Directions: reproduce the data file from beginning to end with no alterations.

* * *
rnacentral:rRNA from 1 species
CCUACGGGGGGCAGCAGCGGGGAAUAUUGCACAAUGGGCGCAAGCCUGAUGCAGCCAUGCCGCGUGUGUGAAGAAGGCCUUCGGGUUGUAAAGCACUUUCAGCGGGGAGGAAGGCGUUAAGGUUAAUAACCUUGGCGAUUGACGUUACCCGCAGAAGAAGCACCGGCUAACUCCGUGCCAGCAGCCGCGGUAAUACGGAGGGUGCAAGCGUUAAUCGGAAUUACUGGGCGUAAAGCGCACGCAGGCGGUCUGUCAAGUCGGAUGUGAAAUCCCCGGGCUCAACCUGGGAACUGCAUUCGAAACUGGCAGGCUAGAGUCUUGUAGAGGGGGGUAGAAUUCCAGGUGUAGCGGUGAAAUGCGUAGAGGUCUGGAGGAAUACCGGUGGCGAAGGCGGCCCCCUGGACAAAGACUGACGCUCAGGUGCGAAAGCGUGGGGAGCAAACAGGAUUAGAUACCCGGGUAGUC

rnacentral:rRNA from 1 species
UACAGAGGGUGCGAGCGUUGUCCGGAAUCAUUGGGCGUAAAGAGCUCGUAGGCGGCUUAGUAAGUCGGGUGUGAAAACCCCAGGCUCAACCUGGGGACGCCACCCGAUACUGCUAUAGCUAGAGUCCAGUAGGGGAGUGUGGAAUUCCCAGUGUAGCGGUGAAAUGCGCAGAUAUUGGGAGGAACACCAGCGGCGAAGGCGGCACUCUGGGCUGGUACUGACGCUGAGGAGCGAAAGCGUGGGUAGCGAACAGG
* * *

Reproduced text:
rnacentral:rRNA from 1 species
CCUACGGGGGGCAGCAGCGGGGAAUAUUGCACAAUGGGCGCAAGCCUGAUGCAGCCAUGCCGCGUGUGUGAAGAAGGCCUUCGGGUUGUAAAGCACUUUCAGCGGGGAGGAAGGCGUUAAGGUUAAUAACCUUGGCGAUUGACGUUACCCGCAGAAGAAGCACCGGCUAACUCCGUGCCAGCAGCCGCGGUAAUACGGAGGGUGCAAGCGUUAAUCGGAAUUACUGGGCGUAAAGCGCACGCAGGCGGUCUGUCAAGUCGGAUGUGAAAUCCCCGGGCUCAACCUGGGAACUGCAUUCGAAACUGGCAGGCUAGAGUCUUGUAGAGGGGGGUAGAAUUCCAGGUGUAGCGGUGAAAUGCGUAGAGGUCUGGAGGAAUACCGGUGGCGAAGGCGGCCCCCUGGACAAAGACUGACGCUCAGGUGCGAAAGCGUGGGGAGCAAACAGGAUUAGAUACCCGGGUAGUC

rnacentral:rRNA from 1 species
UACAGAGGGUGCGAGCGUUGUCCGGAAUCAUUGGGCGUAAAGAGCUCGUAGGCGGCUUAGUAAGUCGGGUGUGAAAACCCCAGGCUCAACCUGGGGACGCCACCCGAUACUGCUAUAGCUAGAGUCCAGUAGGGGAGUGUGGAAUUCCCAGUGUAGCGGUGAAAUGCGCAGAUAUUGGGAGGAACACCAGCGGCGAAGGCGGCACUCUGGGCUGGUACUGACGCUGAGGAGCGAAAGCGUGGGUAGCGAACAGG